nep-sog New Economics Papers
on Sociology of Economics
Issue of 2009‒01‒24
three papers chosen by
Jonas Holmström
Swedish School of Economics and Business Administration

  1. Three Failed Attempts of Joint Rankings of Research in Economics and Business By Albers, Sönke
  2. World-Leading Research and its Measurement By Oswald, Andrew J.
  3. Assessing scientific research performance and impact with single indices By Panaretos, John; Malesios, Chrisovaladis

  1. By: Albers, Sönke
    Abstract: The attempts by Schulze, Warning, and Wiermann (2008) and Ritzberger (2008) to develop a joint ranking list of journals for economics and business research are critically evaluated. The results show a lack of sufficient knowledge of the quality of business journals. Based on these obscure journal rankings, Fabel, Hein, and Hofmeister (2008) derive a ranking of universities and departments. While Diamantopoulos and Wagner (2008) already show a lack of face-validity of these results, this article explains that the reason for this lies not only in the obscure weighting of the journals but, even more importantly, in a remarkable incompleteness of the data base.
    Keywords: Journal ranking; university ranking
    JEL: M00 A12 I23
    Date: 2008–12–23
  2. By: Oswald, Andrew J. (University of Warwick)
    Abstract: Journalists and others have asked me whether the favourable RAE 2008 results for UK economics are believable. This is a fair question. It also opens up a broader and more important one: how can we design a bibliometric method to assess the quality (rather than merely quantity) of a nation’s science? To try to address this, I examine objective data on the world’s most influential economics articles. I find that the United Kingdom performed reasonably well over the 2001-2008 period. Of 450 genuinely world-leading journal articles, the UK produced 10% of them -- and was the source of the most-cited article in each of the Journal of Econometrics, the International Economic Review, the Journal of Public Economics, and the Rand Journal of Economics, and of the second most-cited article in the Journal of Health Economics. Interestingly, more than a quarter of these world-leading UK articles came from outside the best-known half-dozen departments. Thus the modern emphasis on ‘top’ departments and the idea that funding should be concentrated in a few places may be mistaken. Pluralism may help to foster iconoclastic ideas.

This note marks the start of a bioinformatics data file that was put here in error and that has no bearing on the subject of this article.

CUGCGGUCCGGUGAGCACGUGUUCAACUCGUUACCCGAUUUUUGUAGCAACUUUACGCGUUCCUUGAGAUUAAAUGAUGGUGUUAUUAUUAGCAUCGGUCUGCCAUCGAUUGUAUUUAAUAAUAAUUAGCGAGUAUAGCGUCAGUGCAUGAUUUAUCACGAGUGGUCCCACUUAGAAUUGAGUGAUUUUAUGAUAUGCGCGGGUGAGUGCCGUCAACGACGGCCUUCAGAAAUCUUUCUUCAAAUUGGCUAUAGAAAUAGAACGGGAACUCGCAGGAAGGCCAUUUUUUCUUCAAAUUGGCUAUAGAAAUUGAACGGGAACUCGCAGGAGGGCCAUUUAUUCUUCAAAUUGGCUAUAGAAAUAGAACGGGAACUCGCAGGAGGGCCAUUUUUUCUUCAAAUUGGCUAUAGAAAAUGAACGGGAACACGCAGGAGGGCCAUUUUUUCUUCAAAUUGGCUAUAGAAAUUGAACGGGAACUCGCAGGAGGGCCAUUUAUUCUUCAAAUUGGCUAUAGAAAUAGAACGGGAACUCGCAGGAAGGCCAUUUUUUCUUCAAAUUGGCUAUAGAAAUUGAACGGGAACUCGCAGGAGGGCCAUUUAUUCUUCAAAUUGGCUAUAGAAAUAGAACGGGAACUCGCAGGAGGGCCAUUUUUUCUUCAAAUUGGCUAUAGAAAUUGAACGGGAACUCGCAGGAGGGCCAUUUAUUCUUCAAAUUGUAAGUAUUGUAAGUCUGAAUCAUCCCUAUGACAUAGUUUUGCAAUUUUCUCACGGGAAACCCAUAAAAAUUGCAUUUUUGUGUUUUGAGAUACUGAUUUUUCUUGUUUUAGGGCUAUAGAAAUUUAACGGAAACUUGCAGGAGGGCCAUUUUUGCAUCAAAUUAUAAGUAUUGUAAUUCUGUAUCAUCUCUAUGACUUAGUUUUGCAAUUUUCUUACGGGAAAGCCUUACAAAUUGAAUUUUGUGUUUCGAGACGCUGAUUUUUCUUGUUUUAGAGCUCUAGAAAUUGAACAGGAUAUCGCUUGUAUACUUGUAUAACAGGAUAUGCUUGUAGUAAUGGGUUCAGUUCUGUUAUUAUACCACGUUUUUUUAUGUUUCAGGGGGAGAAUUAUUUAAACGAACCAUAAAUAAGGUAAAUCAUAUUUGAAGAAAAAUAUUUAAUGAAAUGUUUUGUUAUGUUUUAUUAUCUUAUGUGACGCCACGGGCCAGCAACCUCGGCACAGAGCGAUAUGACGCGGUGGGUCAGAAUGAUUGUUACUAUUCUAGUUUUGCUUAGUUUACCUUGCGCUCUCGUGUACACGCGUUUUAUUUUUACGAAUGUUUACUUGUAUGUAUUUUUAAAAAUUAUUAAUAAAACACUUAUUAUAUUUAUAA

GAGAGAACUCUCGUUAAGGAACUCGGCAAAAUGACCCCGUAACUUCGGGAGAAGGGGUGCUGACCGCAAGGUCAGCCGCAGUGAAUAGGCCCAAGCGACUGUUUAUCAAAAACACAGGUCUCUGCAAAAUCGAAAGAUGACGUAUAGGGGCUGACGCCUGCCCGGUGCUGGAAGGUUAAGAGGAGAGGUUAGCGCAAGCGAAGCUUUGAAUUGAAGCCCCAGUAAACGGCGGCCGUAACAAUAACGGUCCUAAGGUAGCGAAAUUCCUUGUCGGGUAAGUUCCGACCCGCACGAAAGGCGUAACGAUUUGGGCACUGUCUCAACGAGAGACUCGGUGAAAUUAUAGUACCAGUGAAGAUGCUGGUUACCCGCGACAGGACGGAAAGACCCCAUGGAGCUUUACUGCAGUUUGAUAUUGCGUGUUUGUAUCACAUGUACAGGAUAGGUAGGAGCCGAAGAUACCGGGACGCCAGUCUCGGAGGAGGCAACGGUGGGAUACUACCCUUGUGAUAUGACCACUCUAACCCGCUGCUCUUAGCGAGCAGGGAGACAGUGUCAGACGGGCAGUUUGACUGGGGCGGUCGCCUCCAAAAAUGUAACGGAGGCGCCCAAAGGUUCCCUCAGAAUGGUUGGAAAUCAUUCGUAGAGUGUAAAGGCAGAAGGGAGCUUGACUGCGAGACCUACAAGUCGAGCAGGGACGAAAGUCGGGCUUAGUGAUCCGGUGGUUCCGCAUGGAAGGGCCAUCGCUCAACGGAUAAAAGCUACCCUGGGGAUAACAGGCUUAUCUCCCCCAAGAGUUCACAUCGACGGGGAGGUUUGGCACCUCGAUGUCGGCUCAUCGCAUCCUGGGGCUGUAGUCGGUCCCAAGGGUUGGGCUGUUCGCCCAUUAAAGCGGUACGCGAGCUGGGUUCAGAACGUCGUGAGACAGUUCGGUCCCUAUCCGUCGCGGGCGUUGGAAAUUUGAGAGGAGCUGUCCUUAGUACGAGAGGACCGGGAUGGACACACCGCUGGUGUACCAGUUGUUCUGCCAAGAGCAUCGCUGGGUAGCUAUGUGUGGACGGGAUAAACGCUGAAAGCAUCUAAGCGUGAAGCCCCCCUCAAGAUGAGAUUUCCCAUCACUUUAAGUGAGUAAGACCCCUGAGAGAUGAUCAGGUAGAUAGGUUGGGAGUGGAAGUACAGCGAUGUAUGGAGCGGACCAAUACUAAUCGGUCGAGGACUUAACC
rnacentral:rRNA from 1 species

Keywords: Science ; evaluation ; peer-review ; citations ; research assessment exercise.
    Date: 2009
  3. By: Panaretos, John; Malesios, Chrisovaladis
    Abstract: We provide a comprehensive and critical review of the h-index and its most important modifications proposed in the literature, as well as of other similar indicators measuring research output and impact. Extensions of some of these indices are presented and illustrated.
    Keywords: Citation metrics; Research output; h-index; Hirsch index; h-type indices
    JEL: I2
    Date: 2008–12–17

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